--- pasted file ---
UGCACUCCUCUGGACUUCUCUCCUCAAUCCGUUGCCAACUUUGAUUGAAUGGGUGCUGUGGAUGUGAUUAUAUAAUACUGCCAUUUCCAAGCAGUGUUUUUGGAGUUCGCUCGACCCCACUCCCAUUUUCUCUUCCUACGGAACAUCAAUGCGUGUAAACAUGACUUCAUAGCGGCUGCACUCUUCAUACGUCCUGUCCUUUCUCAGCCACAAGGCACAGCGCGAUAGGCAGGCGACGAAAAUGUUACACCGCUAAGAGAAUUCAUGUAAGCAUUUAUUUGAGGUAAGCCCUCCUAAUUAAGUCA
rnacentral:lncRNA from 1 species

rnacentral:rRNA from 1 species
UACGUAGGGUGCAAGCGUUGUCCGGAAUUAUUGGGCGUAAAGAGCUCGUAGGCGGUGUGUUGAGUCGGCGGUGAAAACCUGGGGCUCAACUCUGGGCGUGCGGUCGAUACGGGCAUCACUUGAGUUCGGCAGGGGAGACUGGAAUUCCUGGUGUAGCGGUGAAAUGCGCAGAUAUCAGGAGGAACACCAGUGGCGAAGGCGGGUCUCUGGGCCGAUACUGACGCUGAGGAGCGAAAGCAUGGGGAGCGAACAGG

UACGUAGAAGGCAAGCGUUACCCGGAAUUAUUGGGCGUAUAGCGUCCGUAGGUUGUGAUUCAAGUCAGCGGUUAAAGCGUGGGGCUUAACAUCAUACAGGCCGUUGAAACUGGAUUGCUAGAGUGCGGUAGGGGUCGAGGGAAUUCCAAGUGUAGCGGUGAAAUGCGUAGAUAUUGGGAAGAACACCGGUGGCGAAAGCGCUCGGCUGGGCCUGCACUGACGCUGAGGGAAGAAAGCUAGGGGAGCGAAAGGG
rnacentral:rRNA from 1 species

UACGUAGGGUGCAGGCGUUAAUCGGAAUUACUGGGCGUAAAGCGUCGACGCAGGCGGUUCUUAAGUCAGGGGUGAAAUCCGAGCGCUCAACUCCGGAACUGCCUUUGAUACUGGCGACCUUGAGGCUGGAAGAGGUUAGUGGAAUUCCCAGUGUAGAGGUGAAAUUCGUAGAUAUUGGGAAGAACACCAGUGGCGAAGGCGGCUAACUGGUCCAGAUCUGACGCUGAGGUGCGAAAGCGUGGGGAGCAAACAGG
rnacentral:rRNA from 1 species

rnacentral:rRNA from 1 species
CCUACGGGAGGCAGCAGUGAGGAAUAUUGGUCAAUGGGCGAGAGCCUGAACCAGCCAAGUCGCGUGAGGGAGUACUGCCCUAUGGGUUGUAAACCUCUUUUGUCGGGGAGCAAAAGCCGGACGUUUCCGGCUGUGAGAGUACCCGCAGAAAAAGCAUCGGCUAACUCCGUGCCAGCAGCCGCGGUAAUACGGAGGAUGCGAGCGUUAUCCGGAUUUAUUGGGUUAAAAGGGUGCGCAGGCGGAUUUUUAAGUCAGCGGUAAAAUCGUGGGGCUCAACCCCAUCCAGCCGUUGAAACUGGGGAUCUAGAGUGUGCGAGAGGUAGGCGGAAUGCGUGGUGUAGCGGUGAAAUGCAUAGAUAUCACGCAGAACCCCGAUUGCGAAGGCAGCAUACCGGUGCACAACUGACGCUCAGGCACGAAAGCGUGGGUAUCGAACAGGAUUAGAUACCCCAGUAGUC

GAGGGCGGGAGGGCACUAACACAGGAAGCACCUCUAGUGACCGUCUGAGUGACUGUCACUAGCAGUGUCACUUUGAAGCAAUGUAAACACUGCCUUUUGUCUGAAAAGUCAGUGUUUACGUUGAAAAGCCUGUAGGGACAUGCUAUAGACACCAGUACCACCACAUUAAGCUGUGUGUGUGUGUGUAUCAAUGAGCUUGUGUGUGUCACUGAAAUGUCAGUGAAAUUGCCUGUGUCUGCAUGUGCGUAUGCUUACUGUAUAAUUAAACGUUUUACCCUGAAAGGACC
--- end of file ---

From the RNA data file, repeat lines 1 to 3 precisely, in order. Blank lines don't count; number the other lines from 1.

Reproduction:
UGCACUCCUCUGGACUUCUCUCCUCAAUCCGUUGCCAACUUUGAUUGAAUGGGUGCUGUGGAUGUGAUUAUAUAAUACUGCCAUUUCCAAGCAGUGUUUUUGGAGUUCGCUCGACCCCACUCCCAUUUUCUCUUCCUACGGAACAUCAAUGCGUGUAAACAUGACUUCAUAGCGGCUGCACUCUUCAUACGUCCUGUCCUUUCUCAGCCACAAGGCACAGCGCGAUAGGCAGGCGACGAAAAUGUUACACCGCUAAGAGAAUUCAUGUAAGCAUUUAUUUGAGGUAAGCCCUCCUAAUUAAGUCA
rnacentral:lncRNA from 1 species

rnacentral:rRNA from 1 species